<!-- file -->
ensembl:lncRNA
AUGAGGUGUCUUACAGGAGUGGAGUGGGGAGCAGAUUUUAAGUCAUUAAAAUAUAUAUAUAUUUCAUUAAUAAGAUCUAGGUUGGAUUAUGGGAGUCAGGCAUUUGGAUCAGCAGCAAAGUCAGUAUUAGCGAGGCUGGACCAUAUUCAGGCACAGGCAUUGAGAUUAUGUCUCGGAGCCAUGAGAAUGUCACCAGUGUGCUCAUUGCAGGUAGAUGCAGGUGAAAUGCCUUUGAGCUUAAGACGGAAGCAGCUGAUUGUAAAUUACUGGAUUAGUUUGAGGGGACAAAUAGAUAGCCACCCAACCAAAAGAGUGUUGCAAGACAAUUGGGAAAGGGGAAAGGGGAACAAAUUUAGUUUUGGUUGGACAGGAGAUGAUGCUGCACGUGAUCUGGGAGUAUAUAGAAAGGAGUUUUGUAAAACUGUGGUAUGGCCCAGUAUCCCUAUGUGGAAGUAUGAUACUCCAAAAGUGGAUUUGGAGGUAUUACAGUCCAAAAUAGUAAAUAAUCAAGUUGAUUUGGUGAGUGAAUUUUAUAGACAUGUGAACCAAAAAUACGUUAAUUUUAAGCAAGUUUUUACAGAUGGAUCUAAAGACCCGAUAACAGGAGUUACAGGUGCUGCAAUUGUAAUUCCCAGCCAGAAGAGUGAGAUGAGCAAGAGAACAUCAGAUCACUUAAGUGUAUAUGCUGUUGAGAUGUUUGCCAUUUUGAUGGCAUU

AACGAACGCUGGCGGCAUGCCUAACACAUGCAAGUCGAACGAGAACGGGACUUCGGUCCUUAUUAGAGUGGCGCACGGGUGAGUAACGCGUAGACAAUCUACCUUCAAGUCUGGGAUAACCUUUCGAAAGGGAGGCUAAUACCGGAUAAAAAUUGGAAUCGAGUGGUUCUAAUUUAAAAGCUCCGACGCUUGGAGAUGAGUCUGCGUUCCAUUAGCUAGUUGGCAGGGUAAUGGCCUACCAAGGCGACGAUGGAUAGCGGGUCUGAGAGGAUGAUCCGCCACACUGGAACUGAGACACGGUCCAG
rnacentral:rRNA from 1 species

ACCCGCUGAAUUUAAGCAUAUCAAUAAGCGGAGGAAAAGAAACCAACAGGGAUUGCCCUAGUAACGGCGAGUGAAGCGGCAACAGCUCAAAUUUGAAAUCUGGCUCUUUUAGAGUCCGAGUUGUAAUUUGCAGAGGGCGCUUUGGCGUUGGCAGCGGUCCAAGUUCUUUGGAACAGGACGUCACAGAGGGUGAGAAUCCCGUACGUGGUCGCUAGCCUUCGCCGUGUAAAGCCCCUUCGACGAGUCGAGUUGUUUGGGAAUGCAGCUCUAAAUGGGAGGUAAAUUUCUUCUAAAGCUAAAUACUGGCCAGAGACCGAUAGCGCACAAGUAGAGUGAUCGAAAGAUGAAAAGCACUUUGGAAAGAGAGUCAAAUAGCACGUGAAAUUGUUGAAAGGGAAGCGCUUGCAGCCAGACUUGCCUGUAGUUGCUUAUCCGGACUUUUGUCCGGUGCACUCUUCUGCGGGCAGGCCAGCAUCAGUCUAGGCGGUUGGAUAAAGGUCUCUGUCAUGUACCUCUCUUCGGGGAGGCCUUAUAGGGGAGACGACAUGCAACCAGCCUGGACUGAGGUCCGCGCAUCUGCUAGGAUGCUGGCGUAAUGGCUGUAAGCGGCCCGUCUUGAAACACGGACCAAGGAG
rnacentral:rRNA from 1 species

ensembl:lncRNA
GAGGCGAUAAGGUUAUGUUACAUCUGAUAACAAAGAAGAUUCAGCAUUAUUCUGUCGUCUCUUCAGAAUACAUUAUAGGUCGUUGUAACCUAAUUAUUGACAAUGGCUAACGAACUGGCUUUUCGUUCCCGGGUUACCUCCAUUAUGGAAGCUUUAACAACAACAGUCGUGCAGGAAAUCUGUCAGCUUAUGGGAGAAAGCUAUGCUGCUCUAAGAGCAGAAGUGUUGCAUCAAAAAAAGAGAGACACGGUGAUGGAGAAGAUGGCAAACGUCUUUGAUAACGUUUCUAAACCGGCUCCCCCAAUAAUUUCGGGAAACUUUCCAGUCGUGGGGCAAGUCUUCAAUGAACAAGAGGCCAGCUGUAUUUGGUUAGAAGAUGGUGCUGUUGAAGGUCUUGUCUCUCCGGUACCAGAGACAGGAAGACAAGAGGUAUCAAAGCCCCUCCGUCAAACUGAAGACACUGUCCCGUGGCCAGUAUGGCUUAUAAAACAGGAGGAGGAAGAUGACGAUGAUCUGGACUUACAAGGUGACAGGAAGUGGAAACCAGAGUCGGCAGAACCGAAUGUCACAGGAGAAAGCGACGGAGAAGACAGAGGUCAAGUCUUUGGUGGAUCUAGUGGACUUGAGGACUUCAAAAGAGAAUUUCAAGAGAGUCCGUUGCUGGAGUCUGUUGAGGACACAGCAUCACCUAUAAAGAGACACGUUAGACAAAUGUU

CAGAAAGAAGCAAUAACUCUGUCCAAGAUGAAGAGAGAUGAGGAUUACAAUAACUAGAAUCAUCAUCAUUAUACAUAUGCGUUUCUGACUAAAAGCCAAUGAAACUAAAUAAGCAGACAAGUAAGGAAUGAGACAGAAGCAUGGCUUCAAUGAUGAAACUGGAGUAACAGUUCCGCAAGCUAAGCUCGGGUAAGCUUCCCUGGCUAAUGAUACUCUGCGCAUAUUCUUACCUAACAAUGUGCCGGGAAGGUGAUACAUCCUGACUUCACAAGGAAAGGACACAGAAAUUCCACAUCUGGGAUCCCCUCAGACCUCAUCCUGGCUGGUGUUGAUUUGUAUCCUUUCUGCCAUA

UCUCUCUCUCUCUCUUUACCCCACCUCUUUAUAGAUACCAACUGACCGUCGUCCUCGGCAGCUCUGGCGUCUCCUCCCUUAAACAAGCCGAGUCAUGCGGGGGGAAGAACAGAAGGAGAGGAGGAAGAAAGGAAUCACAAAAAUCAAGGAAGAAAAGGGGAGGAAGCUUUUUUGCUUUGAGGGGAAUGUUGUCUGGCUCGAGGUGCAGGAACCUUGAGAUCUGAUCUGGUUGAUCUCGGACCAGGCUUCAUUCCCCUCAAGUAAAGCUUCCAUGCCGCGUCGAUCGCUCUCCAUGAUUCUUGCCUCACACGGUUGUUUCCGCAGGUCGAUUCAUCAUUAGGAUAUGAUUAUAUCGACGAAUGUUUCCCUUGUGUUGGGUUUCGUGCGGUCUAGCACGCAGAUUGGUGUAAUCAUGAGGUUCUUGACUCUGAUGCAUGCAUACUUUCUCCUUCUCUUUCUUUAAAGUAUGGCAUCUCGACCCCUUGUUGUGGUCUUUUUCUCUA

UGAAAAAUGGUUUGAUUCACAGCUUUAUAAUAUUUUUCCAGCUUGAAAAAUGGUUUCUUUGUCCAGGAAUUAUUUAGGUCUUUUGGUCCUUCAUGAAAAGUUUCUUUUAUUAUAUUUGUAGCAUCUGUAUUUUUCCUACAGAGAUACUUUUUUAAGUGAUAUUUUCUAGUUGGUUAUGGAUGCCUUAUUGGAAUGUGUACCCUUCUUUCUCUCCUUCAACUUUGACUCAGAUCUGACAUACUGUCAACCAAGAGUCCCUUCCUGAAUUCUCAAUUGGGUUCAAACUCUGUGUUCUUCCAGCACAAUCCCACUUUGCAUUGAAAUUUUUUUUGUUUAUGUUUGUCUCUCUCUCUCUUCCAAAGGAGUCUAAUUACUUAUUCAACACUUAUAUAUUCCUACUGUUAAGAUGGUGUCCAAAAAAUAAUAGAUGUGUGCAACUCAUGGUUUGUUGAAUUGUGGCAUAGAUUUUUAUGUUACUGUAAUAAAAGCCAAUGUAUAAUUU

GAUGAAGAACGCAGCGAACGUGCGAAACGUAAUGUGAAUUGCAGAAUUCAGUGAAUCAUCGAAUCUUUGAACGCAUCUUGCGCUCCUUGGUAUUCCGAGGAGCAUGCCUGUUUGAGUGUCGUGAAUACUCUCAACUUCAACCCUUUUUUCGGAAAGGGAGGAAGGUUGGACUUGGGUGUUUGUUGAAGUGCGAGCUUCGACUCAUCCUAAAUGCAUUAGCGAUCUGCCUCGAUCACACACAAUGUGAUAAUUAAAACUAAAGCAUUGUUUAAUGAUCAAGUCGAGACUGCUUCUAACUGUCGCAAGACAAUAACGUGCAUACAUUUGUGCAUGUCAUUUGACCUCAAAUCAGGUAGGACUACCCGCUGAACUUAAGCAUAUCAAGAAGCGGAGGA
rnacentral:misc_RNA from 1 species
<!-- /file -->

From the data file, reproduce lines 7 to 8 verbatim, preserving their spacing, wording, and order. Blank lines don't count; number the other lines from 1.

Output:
ensembl:lncRNA
GAGGCGAUAAGGUUAUGUUACAUCUGAUAACAAAGAAGAUUCAGCAUUAUUCUGUCGUCUCUUCAGAAUACAUUAUAGGUCGUUGUAACCUAAUUAUUGACAAUGGCUAACGAACUGGCUUUUCGUUCCCGGGUUACCUCCAUUAUGGAAGCUUUAACAACAACAGUCGUGCAGGAAAUCUGUCAGCUUAUGGGAGAAAGCUAUGCUGCUCUAAGAGCAGAAGUGUUGCAUCAAAAAAAGAGAGACACGGUGAUGGAGAAGAUGGCAAACGUCUUUGAUAACGUUUCUAAACCGGCUCCCCCAAUAAUUUCGGGAAACUUUCCAGUCGUGGGGCAAGUCUUCAAUGAACAAGAGGCCAGCUGUAUUUGGUUAGAAGAUGGUGCUGUUGAAGGUCUUGUCUCUCCGGUACCAGAGACAGGAAGACAAGAGGUAUCAAAGCCCCUCCGUCAAACUGAAGACACUGUCCCGUGGCCAGUAUGGCUUAUAAAACAGGAGGAGGAAGAUGACGAUGAUCUGGACUUACAAGGUGACAGGAAGUGGAAACCAGAGUCGGCAGAACCGAAUGUCACAGGAGAAAGCGACGGAGAAGACAGAGGUCAAGUCUUUGGUGGAUCUAGUGGACUUGAGGACUUCAAAAGAGAAUUUCAAGAGAGUCCGUUGCUGGAGUCUGUUGAGGACACAGCAUCACCUAUAAAGAGACACGUUAGACAAAUGUU